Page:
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It’s best to dispute directly with the bureau rather than trying to contact the furnisher yourself, as the bureaus have procedures to force removal if the investigation concludes in your favor. Be very detailed and remember – you have the legal right for them to validate inaccurate information.

Disputing takes some time and follow-through. Keep copies of everything and follow up if a dispute is denied at first since multiple disputes may help get changes made. Fixing errors is a great way to potentially improve your credit factors quickly before a loan application.

Paying down credit card balances

High credit utilization, which is the ratio of your balances owed compared to your credit limits, hurts your credit scores. Making a plan to lower your credit balances over time leading up to your loan application can help elevate your creditworthiness.

Some tips for paying down credit card balances intelligently before applying:

  • Prioritize paying extra towards the cards with the highest balances first
  • Aim to get balances below 30% of your credit limits if possible (ideally lower)
  • Widen the availability of unused credit by requesting credit line increases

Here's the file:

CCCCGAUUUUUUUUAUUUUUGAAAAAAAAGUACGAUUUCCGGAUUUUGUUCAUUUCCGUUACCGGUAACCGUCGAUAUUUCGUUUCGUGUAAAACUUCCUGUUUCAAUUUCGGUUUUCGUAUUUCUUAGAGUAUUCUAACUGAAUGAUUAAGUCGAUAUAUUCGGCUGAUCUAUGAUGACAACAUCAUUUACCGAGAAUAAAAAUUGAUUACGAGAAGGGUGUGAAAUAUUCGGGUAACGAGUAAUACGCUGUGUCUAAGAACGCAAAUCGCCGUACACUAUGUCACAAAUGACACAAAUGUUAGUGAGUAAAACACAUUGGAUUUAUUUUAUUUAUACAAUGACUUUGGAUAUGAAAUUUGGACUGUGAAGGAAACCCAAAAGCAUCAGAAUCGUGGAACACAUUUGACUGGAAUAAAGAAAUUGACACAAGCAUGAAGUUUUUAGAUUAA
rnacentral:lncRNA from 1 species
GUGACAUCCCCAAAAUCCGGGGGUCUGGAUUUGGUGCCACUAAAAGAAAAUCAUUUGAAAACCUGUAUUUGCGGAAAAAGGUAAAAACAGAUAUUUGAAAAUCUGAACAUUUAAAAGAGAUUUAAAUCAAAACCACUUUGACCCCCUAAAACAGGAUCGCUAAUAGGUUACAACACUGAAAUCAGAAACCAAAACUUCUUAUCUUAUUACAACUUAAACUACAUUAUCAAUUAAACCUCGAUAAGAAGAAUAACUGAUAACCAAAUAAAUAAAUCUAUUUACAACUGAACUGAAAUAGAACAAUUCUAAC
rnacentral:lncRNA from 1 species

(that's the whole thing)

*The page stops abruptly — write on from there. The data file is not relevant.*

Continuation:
• Use balance transfer offers strategically to consolidate debt interest-free
  • Ensure you keep all accounts current by at least making minimum payments
  • Avoid taking on new credit until existing balances are closer to zero

Bringing your credit utilization down responsibly shows lenders you are making progress controlling outstanding debts responsibly. It may be worth a small score bump that aids your application.

Resolving past-due payments and collections

Collecting payment on past-due accounts is a major part of any lender’s business. If they see unpaid collections or late payments in your credit report, they’ll view you as a higher risk since you didn’t keep previous obligations current.

Before applying for a loan, make every effort to get past dues paid off or resolved if possible. Note that getting settled collections paid or removed from reports takes time. Here are some strategies:

  • Contact collectors about pay-for-delete deals to settle and have items removed
  • Verify dates of last activity – disputes items past the 7-year legal reporting limit
  • Get proof of payment and request goodwill removal of paid collections
  • Consider debt validation if an old collection lacks paperwork proving you owe it
  • Create a payment plan for collections you can’t immediately pay in full

Paying off even one collection may return points to a credit score. Resolving delinquencies is definitely worth the effort before applying to demonstrate improved payment behavior to lenders.

Make sure your credit file has enough account tradelines

If your credit reports show few open accounts and a “thin” credit file, you may have a harder time qualifying for the best loan rates. Lenders want a documented credit history showing responsible handling of credit limits over time.